Wednesday, April 13, 2016

Quilted purse

I wanted to make myself a new everyday bag. I love the Helios pattern by Anna Maria Horner that I used on the Cargo Duffle by Noodlehead (The Cargo Duffle pattern can be found here). Sadly the Cargo Duffle is way too big as an everyday bag. It would be nice to have this new bag match it though for trips, so I wanted the Helios print to be base color. I didn't want to make a smaller version of the same bag, so I set about creating my own pattern to use.

The Cargo Duffle (left) and the new bag. The new one is shorter and taller than the Cargo Duffle.
I went to Thread Bear Fabrics while I was in Georgia and had fun searching for some matching prints. Thread Bear is a wonderful, family run, quilt shop that has an amazing selection of fabrics at very good prices. They frequently run sales, so be sure to sign up for their email newsletter.

My wonderful husband helped me pick out some fabrics to use. He was the one who found the beautiful plum with gold fleck fabric. It was in the Christmas section, so I had gone right by it!

We then had to match a print for the front and back pocket to Helios, the plum, and my canvas color of black. This proved to be more difficult since I wanted a print I could fussy cut. Eventually I found a print called Fortuna by Tina Givens in her Chole's Imagination collection. This is an older collection, so not many prints were left, but I fell in love with yellow star flower. I also have a new love for Tina Givens, so expect to see more of her fabrics in my work!

The parts of the bag prior to assembly. Top-down:
outside of the bag, inside of the bag, zipper and ends
With my fabrics picked I set to designing the pattern. This bag was really made to accommodate the star flower on the front and back, so I based my dimensions around this.

I knew I wanted my straps to come down the front of the bag and I wanted to hide my pocket ends under these straps. I liked the accent base color technique (plum with gold fabric) so I used that to hide my raw edges for the pocket and straps in.

I took advantage of these straps to hide the extra seams created for the inside pockets. I love pockets in my bags, and by my standard, this bag actually doesn't have that many. I plan on making an extra zipper pouch or two for organization.

I debated for a while how I wanted to do the sides of my bag. I thought about attaching the zipper directly to the front and back panels and doing a triangular shaped side. I decided against that for now, but I may do that later. I went with a continuous zipper to base panel and I rounded out the top of my bag to minimize points. It took some math to get the dimensions right, but it turned out great in the end!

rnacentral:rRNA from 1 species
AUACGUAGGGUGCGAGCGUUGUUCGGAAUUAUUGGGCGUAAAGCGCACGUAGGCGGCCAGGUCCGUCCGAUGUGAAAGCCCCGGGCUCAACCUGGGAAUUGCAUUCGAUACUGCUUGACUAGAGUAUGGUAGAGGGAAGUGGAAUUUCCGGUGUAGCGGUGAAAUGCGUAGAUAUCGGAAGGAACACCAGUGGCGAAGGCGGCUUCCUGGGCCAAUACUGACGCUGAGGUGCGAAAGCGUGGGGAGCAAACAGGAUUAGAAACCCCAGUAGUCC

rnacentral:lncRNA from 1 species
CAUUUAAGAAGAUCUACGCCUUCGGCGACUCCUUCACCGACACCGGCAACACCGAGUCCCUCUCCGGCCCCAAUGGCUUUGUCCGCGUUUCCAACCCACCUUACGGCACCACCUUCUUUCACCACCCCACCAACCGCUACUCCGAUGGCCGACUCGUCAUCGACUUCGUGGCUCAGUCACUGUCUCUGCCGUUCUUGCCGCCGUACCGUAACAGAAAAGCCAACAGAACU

I also decided to use a metal zipper again on this bag, but I fixed the ends so they open from the center and act like act purse zipper. While I don't like metal zippers at first, once they wear in a bit, they are much better.

TIP: a fast way to break in a metal zipper is to draw on the teeth with a regular pencil. The graphite will help lubricate the zipper. They sell liquid graphite for this purpose, but it can be more expensive and may stain (when we had our house re-keyed, the guy at the hardware store used the liquid graphite to loose up the new stiff lock).

Designed and made March 2016

Monday, April 4, 2016

Butterick 5658 Take 2

Note: This is the second Butterick 5658 Tote that I have made. To see my first one, please click here!

I love my Butterick 5658 tote so much that I decided to make a second one. I really wanted a bag with unicorns on it, so I thought this would be a perfect bag to show them off on!

Interior shots of the bag. The top right picture shows the additional zipper pouch I added for easy access to small items.
This bag is almost the same, but with different fabrics, as my first tote. I did change three very small things though. First, I added a small zippered pouch on the liner above the main zipper. I did this so I could access small items without having to open my entire purse (This is really because I love my chapstick and found it cumbersome to have to go under the main zipper to get it). I think the interior slip pockets may be a little different too, as I didn't write down the dimensions I used before. Second, I changed the handle a little. I widened it and lined it with some fabric (note, how I do my handles is completely different than in the pattern. I also add zippers to the interior which are not listed in the pattern). My old handle was getting a little stretched from use, so I am hoping this will be a better system. Third, I added some snaps to secure my main top zipper (this zipper is not in the pattern either). These snaps will hold the ends up the zipper closed to the sides of the bag, making it very difficult for anything to fall out. So far, I am really enjoying these small improvements that I made!

The pattern for Butterick project number 5658 can be found anywhere Butterick patterns are sold. I happened to get mine at my local Hancock Fabrics store when it was on sale over Black Friday.

Fabrics used:

  • Side accents, strap, and base - Organic plum canvas
  • Main panel - Heather Ross' Far Far Away 3 Collection Unicorns on cream
  • Side panel and strap lining - Heather Ross' Far Far Away 3 Collection
  • Piping accent - Moda Bella solid in black

  • Top facing - Heather Ross's Briar Rose Clover in 
  • Main lining - Heather Ross's Briar Rose Frog Family in lilac 
  • Zipper sides - Heather Ross's Briar Rose Bee in purple
  • Slip pockets - Assorted Heather Ross fabrics from my scrap pile

Just a forewarning, Heather Ross' Briar Rose and Far Far Away collections are out of print now. You may be able to find some online, but they will likely be costly.